Neurology Expert Forum
CT scan vs MRI in detecting hypertrophy in left temporial section of th...
About This Forum:

This forum is for questions and support regarding neurology issues such as: Alzheimer's Disease, ALS, Autism, Brain Cancer, Cerebral Palsy, Chronic Pain, Epilepsy, Fibromyalgia, Headaches, MS, Neuralgia, Neuropathy, Parkinson's Disease, RSD, Sleep Disorders, Stroke, Traumatic Brain Injury.

Font Size:
A
A
A
Background:
Blank
Blank
Blank
Blank Blank

CT scan vs MRI in detecting hypertrophy in left temporial section of the brain.


  I've sufffered from severe  headachs going on a year now, my neuro ordered a CT and MRI of the brain. The CT scan showed low-density in the  left temporal region of the brain. This showed up on all views of the CT scan. The Doctor then ordered a MRI of the brain that did not show any abnormalitys. He dismissed the CT findings, stating that if there were a problem with my brain the MRI would have picked it up. I also have severe problems with my memory. I've read several articals stating that CT imaging is better than MRI imaging for detecting low density problems. One more thing the CT scan that showed low density was w/o contrast. The CT with contrast did not detect the low density. Could the MRI images be incorrect in this case?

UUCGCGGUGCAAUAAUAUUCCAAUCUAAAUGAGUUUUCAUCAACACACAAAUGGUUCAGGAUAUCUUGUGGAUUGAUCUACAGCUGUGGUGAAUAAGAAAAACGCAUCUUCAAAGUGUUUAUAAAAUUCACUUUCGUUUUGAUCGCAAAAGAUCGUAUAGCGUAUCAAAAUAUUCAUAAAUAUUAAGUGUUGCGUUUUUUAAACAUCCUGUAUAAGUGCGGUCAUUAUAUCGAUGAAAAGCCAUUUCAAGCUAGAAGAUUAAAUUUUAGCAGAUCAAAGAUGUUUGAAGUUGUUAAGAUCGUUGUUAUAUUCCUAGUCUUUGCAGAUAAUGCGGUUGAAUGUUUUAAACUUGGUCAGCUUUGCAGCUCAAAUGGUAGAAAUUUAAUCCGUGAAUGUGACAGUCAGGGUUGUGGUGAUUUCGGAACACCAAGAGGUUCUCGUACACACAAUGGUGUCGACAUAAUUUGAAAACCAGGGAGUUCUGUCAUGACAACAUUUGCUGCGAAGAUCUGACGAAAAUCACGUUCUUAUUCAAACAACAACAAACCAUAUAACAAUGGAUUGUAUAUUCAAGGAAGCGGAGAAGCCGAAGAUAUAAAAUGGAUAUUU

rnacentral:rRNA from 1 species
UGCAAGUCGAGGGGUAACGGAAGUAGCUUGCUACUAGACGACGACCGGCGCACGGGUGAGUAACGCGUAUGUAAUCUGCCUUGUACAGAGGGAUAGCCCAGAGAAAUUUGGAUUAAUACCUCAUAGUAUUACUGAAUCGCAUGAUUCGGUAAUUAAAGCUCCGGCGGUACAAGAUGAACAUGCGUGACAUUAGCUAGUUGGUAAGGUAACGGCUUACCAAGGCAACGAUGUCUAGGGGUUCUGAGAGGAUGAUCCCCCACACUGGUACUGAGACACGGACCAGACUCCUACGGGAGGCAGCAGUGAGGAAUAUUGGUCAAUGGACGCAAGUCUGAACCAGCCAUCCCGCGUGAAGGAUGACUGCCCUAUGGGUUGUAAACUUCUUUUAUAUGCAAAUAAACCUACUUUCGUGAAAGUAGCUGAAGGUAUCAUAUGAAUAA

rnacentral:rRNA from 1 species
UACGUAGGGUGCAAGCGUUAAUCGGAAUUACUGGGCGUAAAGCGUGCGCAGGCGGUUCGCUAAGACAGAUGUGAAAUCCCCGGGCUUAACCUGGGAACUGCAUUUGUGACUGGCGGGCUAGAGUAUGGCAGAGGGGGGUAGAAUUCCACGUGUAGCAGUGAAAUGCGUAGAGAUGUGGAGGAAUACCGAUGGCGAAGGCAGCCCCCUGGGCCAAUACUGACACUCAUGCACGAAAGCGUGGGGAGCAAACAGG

Thanks in Advance,
  Justin
=
In general, MRI is a more sensitive test than CT scan.
One pitfall of CT scanning is the susceptibiliity to artifact when imaging soft tissue structures (such as brain) next to a lot of bone. This makes CT scanning of very limited use in the brainstem. The images of the temporal lobes may suffer from such artifact, as well.
Without seeing the two scans side by side, I can't say specifically whether the CT low density area is artifact or real. However, in general, if CT scan picks up something real, the MRI will show it too (usually with better definition).
One thing: CT is better at displaying acute blood (hemorrhage). That shows up as a HIGH density, not low density.
I probably should point out that "low" and "high" density refer to the ability of structures to block the passage of x-rays. For example, bone and blood, which contain calcium and iron respectively, show up as high density regions, where air and water show up as low density regions. Brain is somewhere in between. Injured brain often is revealed as a low density area.
The term "density" is purely an imaging term, having nothing to do with the mass per unit volume of the brain or other structures.
I hope this helps. As you know, this forum can't substitute for medical advice from your doctor. CCF MD mdf.




Related Discussions
Continue discussion Blank
Blank
Request an Appointment
MedHelp Health Answers
Blank
Weight Tracker
Weight Tracker
Start Tracking Now
RSS Expert Activity
242532_tn?1269553979
Blank
How to Silence Your Inner Critic an...
Apr 16 by Roger Gould, M.D.Blank
242532_tn?1269553979
Blank
Emotional Eaters: How to Silence Yo...
Mar 26 by Roger Gould, M.D.Blank
1344197_tn?1392822771
Blank
Vaginal vs. Laparoscopic Hysterecto...
Feb 19 by J. Kyle Mathews, MD, DVMBlank